Saturday, 21 January 2012

The Orwell test, the Grumpy test and the Derby Three

Do you think that men who have sex with each other should be punished by execution? No, I don't either.

Do you think that someone who not only held that opinion but cared enough about it enough to produce leaflets expounding it, complete with a picture of a gallows, and post them through people's letterboxes would be more than a little repellent? Same here.

Do you think that if you were a homosexually inclined man and you received one of these leaflets you would feel upset about it? We're still in agreement.

So should the distribution of such leaflets be a criminal offence? Since in fact it now is, this may be the point at which our views diverge.

Ever since it started the Harry's Place blog has had a banner which reads "freedom, if it means anything, is the right to tell people what they don't want to hear". Fine words by a fine writer - George Orwell (and it's a pity he doesn't get a name check from HP any more).

So the Orwell test tells me that if I can't say in public that men who have sex with men should be executed, I'm not free.

And let's be clear about the vital corollary to the Orwell test. Since Orwell's day we've become positively addicted to proclaiming our rights, less keen to talk about the obligations without which rights are meaningless. Let's have some big bold red letters:-

"Freedom, if it means anything, is the duty to allow people to tell us what we don't want to hear."
I'll modestly christen that one the Grumpy test.

I don't want to say what the Derby Three said in their leaflets. They do and we must allow them to say it. If we want our society to be a free one, that is, and evidently many of us don't.

Take what is for most of us an equally repellent opinion: that adults should be allowed to have sex with children. Can that be said in public? Anyone saying it is at best on shaky ground. Way back in the Eighties the leading lights of something called the Paedophile Information Exchange were convicted of, if I remember rightly, "conspiracy to corrupt public morals" - a category of offence as vague and potentially all-encompassing as "hate crime" - and as far as I could make out from the trial report in the Times the convictions were based largely on the fact that the group had campaigned for the abolition of the age of consent. It bothered me that it could be illegal to campaign for a change in the law, and if I'd been braver I'd have written a letter to the Times to that effect. I don't recall anybody else being brave enough either - or if they were the paper wasn't brave enough to print it.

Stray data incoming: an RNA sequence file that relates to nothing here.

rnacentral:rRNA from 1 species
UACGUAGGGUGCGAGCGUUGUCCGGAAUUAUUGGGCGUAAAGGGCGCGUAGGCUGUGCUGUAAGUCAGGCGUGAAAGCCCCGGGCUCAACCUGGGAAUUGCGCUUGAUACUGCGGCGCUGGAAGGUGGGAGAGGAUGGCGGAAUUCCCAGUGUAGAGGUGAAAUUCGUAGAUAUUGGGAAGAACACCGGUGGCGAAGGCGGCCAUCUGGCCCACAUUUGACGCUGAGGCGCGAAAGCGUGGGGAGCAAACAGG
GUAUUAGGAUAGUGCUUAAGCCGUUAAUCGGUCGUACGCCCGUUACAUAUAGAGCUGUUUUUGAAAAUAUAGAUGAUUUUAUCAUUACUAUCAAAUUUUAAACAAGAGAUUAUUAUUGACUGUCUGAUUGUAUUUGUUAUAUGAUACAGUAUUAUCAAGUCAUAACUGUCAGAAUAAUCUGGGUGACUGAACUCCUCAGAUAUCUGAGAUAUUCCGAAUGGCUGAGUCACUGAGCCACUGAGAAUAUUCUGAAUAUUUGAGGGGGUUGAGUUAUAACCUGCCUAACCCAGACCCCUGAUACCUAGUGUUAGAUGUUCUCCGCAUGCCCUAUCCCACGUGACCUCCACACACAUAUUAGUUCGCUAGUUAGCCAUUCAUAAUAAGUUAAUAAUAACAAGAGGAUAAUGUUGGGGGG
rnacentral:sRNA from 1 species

But if we want our society to be a free one we are obliged to allow those who so wish to voice this abhorrent opinion. Even if the thought of them getting their way makes us feel sick. Once again, the facts suggest we'd rather not have too much freedom.

I'd like to be able to read the Derby Three's leaflets, and of course the problem is that it would be illegal to reporduce them. No doubt I could find the texts if I did a bit of digging about on non-UK-based Islamist sites, but I'd rather not. I'd just like to satisfy myself on one point which would make everything I've written so far not wrong but inapplicable. That would be the case if they had suggested that Islamic law trumps the law of the land and that Muslims would be justified in taking the law into their own hands. Then we would have a case of incitement to murder on our hands, and anyone guilty of that deserves to have the book thrown at them. There we hit a valid limitation to freedom of speech.

But it doesn't look that way. Partly because the report doesn't say so. And partly because they were apparently charged with "incitement to hatred on the grounds of sexual orientation", not the manifestly much more serious offence of incitement to murder.

What the BBC report does do is quote a homosexual recipient of the leaflets:-

He said the first leaflet, Turn Or Burn, made him feel "quite horrified" and it was after he received Death Penalty? that he called the police.

"They made me feel terrorised in my own home," he said.

"Sometimes I wondered whether I would be getting a burning rag through the letterbox or if I would be attacked in the street."
Well, his feelings are entirely understandable. And should be entirely irrelevant. Either the leaflets incited arson and assault or they didn't.

Or shall we make it illegal for Communists to drop their leaflets through the doors of capitalists, on the grounds that they could give the latter nightmares about being murdered in their beds?

George Orwell gave us a terrifying pcture of total thought control. As far as I recall it didn't occur to him that the Party might justify it as being necessary to protect the citizen from unpleasant emotions.

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